If you try to prove limit point compactness is equivalent to sequential compactness, it's actually rather natural. I sketched the proof below, so don't read it if you want to figure it out for yourself.
The main idea is that we can go back and forth between subsequences and infinite...
Well f is only defined if x is a natural number, so it's not well defined as a function from R to R. Also, we can't apply the summation rule if the number of terms is changing.
You should provide us some detail about what attempts you've made. From what you've given, I'm not sure what you're stuck on and how I can help. I'll assume you've tried the obvious thing, which is look at the definition, F is measurable if F^{-1}(a,\infty] is measurable. Since f is...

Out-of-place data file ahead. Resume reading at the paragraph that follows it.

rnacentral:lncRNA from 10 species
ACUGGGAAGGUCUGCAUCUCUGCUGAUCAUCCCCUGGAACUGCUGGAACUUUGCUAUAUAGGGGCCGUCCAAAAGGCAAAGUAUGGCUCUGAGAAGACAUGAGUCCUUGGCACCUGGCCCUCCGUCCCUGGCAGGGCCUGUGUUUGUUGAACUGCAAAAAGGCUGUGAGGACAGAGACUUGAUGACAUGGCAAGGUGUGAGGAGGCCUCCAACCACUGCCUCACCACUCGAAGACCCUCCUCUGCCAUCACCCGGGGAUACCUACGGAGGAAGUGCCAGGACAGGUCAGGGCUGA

Well the identity function is a bounded linear map, so yes.
If you mean bounded linear functional, this is still true by Hahn-Banach, because we can send x to ||x||, and send each vector of the form ax to a||x||, where a is in C. By Hahn-Banach, this extends to a bounded linear functional.
I've studied some functional analysis at the level of Kolmogorov and Fomin, and that required a basic knowledge of linear algebra and real analysis. I also found this set of lectures online that might be useful if you're selfstudying or need another resource...